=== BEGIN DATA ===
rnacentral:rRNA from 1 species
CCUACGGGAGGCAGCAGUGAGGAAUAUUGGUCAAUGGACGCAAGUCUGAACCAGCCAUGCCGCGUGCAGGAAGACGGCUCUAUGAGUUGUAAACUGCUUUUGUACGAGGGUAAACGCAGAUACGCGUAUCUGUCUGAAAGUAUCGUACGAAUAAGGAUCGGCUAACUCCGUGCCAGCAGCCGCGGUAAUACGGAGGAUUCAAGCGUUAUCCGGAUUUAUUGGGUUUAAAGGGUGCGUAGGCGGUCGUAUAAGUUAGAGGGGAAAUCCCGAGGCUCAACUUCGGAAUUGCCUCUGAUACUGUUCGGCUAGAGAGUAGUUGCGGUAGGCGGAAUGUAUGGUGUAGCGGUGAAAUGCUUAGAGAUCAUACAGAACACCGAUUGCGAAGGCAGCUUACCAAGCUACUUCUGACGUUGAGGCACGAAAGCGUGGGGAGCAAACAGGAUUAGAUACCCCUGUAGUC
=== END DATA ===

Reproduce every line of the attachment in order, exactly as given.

rnacentral:rRNA from 1 species
CCUACGGGAGGCAGCAGUGAGGAAUAUUGGUCAAUGGACGCAAGUCUGAACCAGCCAUGCCGCGUGCAGGAAGACGGCUCUAUGAGUUGUAAACUGCUUUUGUACGAGGGUAAACGCAGAUACGCGUAUCUGUCUGAAAGUAUCGUACGAAUAAGGAUCGGCUAACUCCGUGCCAGCAGCCGCGGUAAUACGGAGGAUUCAAGCGUUAUCCGGAUUUAUUGGGUUUAAAGGGUGCGUAGGCGGUCGUAUAAGUUAGAGGGGAAAUCCCGAGGCUCAACUUCGGAAUUGCCUCUGAUACUGUUCGGCUAGAGAGUAGUUGCGGUAGGCGGAAUGUAUGGUGUAGCGGUGAAAUGCUUAGAGAUCAUACAGAACACCGAUUGCGAAGGCAGCUUACCAAGCUACUUCUGACGUUGAGGCACGAAAGCGUGGGGAGCAAACAGGAUUAGAUACCCCUGUAGUC